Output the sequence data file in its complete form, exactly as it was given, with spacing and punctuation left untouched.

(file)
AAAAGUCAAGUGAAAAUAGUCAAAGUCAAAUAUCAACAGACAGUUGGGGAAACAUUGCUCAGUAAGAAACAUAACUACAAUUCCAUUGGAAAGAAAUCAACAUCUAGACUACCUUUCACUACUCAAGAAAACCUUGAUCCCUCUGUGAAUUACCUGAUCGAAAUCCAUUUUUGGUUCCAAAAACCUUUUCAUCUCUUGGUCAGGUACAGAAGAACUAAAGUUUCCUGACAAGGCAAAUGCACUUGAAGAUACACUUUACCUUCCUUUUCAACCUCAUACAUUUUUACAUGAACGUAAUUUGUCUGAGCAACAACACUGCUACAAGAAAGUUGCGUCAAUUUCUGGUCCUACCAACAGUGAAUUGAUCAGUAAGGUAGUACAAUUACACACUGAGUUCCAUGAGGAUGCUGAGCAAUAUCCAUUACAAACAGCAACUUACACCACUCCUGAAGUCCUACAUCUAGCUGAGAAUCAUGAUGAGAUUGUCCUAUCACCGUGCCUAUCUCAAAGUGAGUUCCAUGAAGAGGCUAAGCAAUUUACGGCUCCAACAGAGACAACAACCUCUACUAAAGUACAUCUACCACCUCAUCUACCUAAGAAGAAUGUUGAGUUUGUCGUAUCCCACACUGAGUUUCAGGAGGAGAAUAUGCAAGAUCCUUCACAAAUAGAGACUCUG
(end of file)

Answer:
AAAAGUCAAGUGAAAAUAGUCAAAGUCAAAUAUCAACAGACAGUUGGGGAAACAUUGCUCAGUAAGAAACAUAACUACAAUUCCAUUGGAAAGAAAUCAACAUCUAGACUACCUUUCACUACUCAAGAAAACCUUGAUCCCUCUGUGAAUUACCUGAUCGAAAUCCAUUUUUGGUUCCAAAAACCUUUUCAUCUCUUGGUCAGGUACAGAAGAACUAAAGUUUCCUGACAAGGCAAAUGCACUUGAAGAUACACUUUACCUUCCUUUUCAACCUCAUACAUUUUUACAUGAACGUAAUUUGUCUGAGCAACAACACUGCUACAAGAAAGUUGCGUCAAUUUCUGGUCCUACCAACAGUGAAUUGAUCAGUAAGGUAGUACAAUUACACACUGAGUUCCAUGAGGAUGCUGAGCAAUAUCCAUUACAAACAGCAACUUACACCACUCCUGAAGUCCUACAUCUAGCUGAGAAUCAUGAUGAGAUUGUCCUAUCACCGUGCCUAUCUCAAAGUGAGUUCCAUGAAGAGGCUAAGCAAUUUACGGCUCCAACAGAGACAACAACCUCUACUAAAGUACAUCUACCACCUCAUCUACCUAAGAAGAAUGUUGAGUUUGUCGUAUCCCACACUGAGUUUCAGGAGGAGAAUAUGCAAGAUCCUUCACAAAUAGAGACUCUG